Prayer:  Dear God, remove from the Church those who would persecute Your people. Give us Your truth that Jesus is the Way for all people, including Your Jewish people. In Y’shua’s name, Amen.

Ponder the path:  Has God placed any Jewish people along your path? Share this study with them and tell them about the Messiah.

Chanukkah–The Feast of Dedication

Return from the SynagogueIllustration:  “Return from the Synagogue,” by Marc Chagall, oil on canvas, 1926.

“So the Jews gathered around him and said to him, ‘How long will you keep us in suspense? If you are the Christ, tell us plainly'” (John 10:24).

As Jesus walked in the temple, a crowd gathered around Him. Some were walking the path with Him, many had witnessed his miracles, and all were longing for a Messiah. Now they asked him to be clear:  “Are you the Messiah or not?”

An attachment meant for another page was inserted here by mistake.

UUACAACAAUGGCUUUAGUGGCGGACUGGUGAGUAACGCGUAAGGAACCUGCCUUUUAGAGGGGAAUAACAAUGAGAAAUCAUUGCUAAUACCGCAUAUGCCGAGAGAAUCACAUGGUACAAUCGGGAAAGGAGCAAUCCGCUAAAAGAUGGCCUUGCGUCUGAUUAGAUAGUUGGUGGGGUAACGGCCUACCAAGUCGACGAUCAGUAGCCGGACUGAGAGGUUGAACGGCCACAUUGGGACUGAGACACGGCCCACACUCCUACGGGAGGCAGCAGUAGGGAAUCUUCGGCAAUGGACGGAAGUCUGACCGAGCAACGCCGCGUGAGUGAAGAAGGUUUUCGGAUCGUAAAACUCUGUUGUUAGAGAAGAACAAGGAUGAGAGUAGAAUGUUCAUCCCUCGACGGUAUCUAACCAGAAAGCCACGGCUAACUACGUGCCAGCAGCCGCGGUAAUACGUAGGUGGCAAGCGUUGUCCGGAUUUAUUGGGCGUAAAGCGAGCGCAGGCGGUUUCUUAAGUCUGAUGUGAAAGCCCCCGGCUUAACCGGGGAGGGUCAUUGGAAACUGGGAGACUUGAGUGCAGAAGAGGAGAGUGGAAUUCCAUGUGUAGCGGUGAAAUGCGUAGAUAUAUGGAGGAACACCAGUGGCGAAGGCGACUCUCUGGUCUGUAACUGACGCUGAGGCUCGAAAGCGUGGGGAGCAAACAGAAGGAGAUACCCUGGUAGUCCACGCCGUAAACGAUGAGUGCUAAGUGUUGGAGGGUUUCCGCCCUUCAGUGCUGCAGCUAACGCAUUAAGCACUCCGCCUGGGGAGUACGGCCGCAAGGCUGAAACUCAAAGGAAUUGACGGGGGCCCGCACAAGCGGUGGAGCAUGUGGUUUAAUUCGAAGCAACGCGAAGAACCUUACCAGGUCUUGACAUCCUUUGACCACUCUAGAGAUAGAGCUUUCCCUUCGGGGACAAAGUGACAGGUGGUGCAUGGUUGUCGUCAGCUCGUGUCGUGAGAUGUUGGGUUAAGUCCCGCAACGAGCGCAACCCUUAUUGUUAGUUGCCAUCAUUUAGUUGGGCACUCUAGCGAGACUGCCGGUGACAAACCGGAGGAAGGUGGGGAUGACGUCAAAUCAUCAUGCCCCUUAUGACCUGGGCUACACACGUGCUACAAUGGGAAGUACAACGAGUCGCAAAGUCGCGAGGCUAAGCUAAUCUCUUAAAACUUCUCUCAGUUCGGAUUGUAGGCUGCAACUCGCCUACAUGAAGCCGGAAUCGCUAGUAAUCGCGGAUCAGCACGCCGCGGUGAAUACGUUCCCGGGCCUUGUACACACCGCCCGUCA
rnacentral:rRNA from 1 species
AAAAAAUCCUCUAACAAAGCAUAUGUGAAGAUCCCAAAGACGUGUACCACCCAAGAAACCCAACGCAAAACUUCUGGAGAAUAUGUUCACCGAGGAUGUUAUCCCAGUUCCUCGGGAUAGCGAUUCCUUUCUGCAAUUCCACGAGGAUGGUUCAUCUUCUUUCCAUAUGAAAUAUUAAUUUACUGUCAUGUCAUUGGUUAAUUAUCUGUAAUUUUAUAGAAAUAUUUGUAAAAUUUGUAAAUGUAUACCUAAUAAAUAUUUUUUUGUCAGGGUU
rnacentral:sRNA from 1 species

God’s people have waited a long time for the promised Messiah. This festival reminds them of the wait. Chanukkah commemorates the rededication of the temple in 167 B.C. The land of Israel had been conquered by Syria, and its king, Antiochus, declared himself to be god. He refused to allow the Jewish people to worship the true God, and he desecrated the temple. A man arose during this time who would help lead the Jews in a victory over the Syrians. His name was Judah (the name alone would evoke hope, because Jacob promised the Messiah would come through his son, Judah), and following a miraculous victory, many hailed him as the messiah.